I Want to Write Good Characters

What is the most important part of a story? If you said “the characters” then congratulations—you’re right!

At the heart of every story, in every medium (a book, movie, tv series, a game, or anything else with a story), are the characters. The characters are how we identify the story, how we interact with it, and most importantly the characters DRIVE the story. In fact, I am of the school of thought that the CHARACTERS ARE THE STORY.

But writing GOOD characters can be a little tricky. It’s easy to fall into stereotypes or two-dimensional nobodies.

Here’s a question to think about: what DEFINES your character? What makes him/her who he/she is? If you said “he has a badass sword” or “she is the princess of a kingdom” or “he’s quirky and sooo random omg” then you’re doing it wrong. The most important element of a character is what he or she WANTS.

Let me repeat that, because it’s going to the the central thesis for this article: the defining element of a character is what he or she wants.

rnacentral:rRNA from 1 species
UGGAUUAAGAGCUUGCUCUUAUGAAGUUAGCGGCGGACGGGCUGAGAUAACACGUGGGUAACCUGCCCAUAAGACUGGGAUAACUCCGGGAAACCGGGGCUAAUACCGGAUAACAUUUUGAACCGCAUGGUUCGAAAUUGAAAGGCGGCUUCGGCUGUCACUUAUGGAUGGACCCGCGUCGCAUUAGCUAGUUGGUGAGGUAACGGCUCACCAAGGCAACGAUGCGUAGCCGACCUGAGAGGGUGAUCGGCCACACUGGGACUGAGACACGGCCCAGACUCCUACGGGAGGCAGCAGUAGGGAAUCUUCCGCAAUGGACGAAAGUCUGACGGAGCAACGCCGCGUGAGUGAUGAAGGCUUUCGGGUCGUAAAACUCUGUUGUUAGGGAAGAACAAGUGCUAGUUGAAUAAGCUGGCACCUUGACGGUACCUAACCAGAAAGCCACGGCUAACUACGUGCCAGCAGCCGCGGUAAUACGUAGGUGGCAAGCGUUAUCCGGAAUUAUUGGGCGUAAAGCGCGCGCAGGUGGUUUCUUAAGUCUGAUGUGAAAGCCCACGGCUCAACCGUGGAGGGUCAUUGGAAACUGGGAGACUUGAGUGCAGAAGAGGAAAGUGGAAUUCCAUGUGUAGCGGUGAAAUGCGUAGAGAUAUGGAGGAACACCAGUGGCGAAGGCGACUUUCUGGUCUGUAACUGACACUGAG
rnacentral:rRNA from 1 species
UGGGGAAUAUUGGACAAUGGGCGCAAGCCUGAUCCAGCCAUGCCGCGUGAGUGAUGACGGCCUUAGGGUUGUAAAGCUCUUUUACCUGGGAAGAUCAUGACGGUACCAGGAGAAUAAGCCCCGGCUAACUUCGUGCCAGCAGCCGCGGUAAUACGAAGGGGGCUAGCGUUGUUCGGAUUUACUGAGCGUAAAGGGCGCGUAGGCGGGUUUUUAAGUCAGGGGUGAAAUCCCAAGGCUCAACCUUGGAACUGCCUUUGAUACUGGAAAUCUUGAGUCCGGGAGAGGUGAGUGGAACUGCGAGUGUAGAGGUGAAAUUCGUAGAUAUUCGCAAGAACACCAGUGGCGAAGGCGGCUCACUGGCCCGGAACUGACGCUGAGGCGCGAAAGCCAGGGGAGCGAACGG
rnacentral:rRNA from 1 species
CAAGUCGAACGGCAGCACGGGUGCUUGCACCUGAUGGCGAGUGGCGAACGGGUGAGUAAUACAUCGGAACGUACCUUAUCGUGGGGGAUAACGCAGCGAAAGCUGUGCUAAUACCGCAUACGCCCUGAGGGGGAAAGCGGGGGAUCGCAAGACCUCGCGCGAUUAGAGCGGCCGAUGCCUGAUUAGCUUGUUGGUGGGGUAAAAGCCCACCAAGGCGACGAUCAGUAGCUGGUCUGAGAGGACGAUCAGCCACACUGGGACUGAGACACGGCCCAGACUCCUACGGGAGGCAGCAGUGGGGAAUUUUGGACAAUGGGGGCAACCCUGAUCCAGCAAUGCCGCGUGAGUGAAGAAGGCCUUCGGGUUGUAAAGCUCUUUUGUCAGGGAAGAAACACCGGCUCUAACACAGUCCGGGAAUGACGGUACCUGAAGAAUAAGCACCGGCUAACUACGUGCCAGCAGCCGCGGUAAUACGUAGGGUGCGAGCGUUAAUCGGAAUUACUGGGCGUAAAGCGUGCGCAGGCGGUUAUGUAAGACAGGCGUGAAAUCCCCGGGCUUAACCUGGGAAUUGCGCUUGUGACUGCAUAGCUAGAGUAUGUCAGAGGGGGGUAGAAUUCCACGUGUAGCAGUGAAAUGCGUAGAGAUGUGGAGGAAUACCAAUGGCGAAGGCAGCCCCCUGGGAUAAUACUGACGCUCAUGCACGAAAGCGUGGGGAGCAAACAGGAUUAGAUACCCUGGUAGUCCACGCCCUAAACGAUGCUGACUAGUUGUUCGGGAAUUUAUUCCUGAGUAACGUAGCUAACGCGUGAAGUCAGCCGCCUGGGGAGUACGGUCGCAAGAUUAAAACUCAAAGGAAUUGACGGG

In other words, a character’s motivation makes the character. Once you know what motivates your character, and incorporate it into his or her dialogue and action, it will not only create a more emphatic character—building a strong bond with your audience—but it will pull your entire story into a tight and cohesive character-driven narrative.

The “I Want Song” 

I’m a huge Broadway nerd—I loooove musicals. And within the world of musicals, there is a particular kind of song known as the “I Want Song”. In nearly every (good) musical, the protagonist (and often the antagonist and other major characters) will have a song devoted to the expression of their desires. It usually comes in somewhat early—maybe even the character’s first big number. Because this song will define the character for the audience—the audience will know immediately that this is what the characters WANTS, and how it will influence the character’s actions throughout the rest of the play. Often the song is reprised multiple times throughout the show, as the character’s “I Want Song” becomes the character’s leitmotif or theme song. When the melody of an “I Want Song” is juxtaposed over a scene where something is happening that goes directly against the character getting what he wants, it can be genuinely heartbreaking. This is why the music in musicals can have tremendous emotional impact.